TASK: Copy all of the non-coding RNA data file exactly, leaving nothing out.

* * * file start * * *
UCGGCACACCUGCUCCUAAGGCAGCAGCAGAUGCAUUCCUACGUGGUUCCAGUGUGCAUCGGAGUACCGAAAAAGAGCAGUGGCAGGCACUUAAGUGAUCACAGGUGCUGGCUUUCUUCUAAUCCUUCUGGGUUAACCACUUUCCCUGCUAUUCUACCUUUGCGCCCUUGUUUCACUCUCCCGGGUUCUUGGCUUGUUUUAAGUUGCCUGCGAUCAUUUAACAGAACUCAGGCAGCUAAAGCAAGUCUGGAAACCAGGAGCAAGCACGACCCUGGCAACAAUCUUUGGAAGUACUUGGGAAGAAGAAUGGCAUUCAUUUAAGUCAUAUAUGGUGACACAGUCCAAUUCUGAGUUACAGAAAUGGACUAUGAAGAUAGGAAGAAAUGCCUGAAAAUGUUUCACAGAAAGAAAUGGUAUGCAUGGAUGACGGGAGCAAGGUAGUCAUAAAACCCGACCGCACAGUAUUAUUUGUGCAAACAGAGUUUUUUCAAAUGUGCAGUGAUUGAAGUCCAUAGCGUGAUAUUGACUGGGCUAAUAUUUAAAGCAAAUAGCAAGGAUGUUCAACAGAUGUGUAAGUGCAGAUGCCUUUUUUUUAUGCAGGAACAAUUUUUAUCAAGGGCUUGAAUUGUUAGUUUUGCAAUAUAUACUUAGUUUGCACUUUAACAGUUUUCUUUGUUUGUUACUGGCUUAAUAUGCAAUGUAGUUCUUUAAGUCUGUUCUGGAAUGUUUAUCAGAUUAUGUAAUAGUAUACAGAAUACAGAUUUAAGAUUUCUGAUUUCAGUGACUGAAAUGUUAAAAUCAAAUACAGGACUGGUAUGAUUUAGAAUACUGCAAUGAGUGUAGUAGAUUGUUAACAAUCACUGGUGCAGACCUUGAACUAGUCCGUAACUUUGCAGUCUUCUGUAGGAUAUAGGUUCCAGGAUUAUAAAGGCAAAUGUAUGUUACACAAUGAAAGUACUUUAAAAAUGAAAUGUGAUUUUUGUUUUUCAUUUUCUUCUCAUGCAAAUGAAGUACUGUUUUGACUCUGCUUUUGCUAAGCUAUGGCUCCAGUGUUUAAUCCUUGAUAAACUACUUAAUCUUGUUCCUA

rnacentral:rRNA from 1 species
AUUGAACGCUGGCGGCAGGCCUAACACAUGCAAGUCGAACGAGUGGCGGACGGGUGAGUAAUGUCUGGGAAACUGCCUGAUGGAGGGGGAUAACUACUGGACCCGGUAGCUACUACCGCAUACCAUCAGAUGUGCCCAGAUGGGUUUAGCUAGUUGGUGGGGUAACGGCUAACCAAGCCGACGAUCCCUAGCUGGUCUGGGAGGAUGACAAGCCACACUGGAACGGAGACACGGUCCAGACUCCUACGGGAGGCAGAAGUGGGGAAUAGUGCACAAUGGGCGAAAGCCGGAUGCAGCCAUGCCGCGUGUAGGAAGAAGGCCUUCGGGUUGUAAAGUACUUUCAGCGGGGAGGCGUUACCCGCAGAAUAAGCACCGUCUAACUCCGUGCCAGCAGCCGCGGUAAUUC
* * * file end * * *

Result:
UCGGCACACCUGCUCCUAAGGCAGCAGCAGAUGCAUUCCUACGUGGUUCCAGUGUGCAUCGGAGUACCGAAAAAGAGCAGUGGCAGGCACUUAAGUGAUCACAGGUGCUGGCUUUCUUCUAAUCCUUCUGGGUUAACCACUUUCCCUGCUAUUCUACCUUUGCGCCCUUGUUUCACUCUCCCGGGUUCUUGGCUUGUUUUAAGUUGCCUGCGAUCAUUUAACAGAACUCAGGCAGCUAAAGCAAGUCUGGAAACCAGGAGCAAGCACGACCCUGGCAACAAUCUUUGGAAGUACUUGGGAAGAAGAAUGGCAUUCAUUUAAGUCAUAUAUGGUGACACAGUCCAAUUCUGAGUUACAGAAAUGGACUAUGAAGAUAGGAAGAAAUGCCUGAAAAUGUUUCACAGAAAGAAAUGGUAUGCAUGGAUGACGGGAGCAAGGUAGUCAUAAAACCCGACCGCACAGUAUUAUUUGUGCAAACAGAGUUUUUUCAAAUGUGCAGUGAUUGAAGUCCAUAGCGUGAUAUUGACUGGGCUAAUAUUUAAAGCAAAUAGCAAGGAUGUUCAACAGAUGUGUAAGUGCAGAUGCCUUUUUUUUAUGCAGGAACAAUUUUUAUCAAGGGCUUGAAUUGUUAGUUUUGCAAUAUAUACUUAGUUUGCACUUUAACAGUUUUCUUUGUUUGUUACUGGCUUAAUAUGCAAUGUAGUUCUUUAAGUCUGUUCUGGAAUGUUUAUCAGAUUAUGUAAUAGUAUACAGAAUACAGAUUUAAGAUUUCUGAUUUCAGUGACUGAAAUGUUAAAAUCAAAUACAGGACUGGUAUGAUUUAGAAUACUGCAAUGAGUGUAGUAGAUUGUUAACAAUCACUGGUGCAGACCUUGAACUAGUCCGUAACUUUGCAGUCUUCUGUAGGAUAUAGGUUCCAGGAUUAUAAAGGCAAAUGUAUGUUACACAAUGAAAGUACUUUAAAAAUGAAAUGUGAUUUUUGUUUUUCAUUUUCUUCUCAUGCAAAUGAAGUACUGUUUUGACUCUGCUUUUGCUAAGCUAUGGCUCCAGUGUUUAAUCCUUGAUAAACUACUUAAUCUUGUUCCUA

rnacentral:rRNA from 1 species
AUUGAACGCUGGCGGCAGGCCUAACACAUGCAAGUCGAACGAGUGGCGGACGGGUGAGUAAUGUCUGGGAAACUGCCUGAUGGAGGGGGAUAACUACUGGACCCGGUAGCUACUACCGCAUACCAUCAGAUGUGCCCAGAUGGGUUUAGCUAGUUGGUGGGGUAACGGCUAACCAAGCCGACGAUCCCUAGCUGGUCUGGGAGGAUGACAAGCCACACUGGAACGGAGACACGGUCCAGACUCCUACGGGAGGCAGAAGUGGGGAAUAGUGCACAAUGGGCGAAAGCCGGAUGCAGCCAUGCCGCGUGUAGGAAGAAGGCCUUCGGGUUGUAAAGUACUUUCAGCGGGGAGGCGUUACCCGCAGAAUAAGCACCGUCUAACUCCGUGCCAGCAGCCGCGGUAAUUC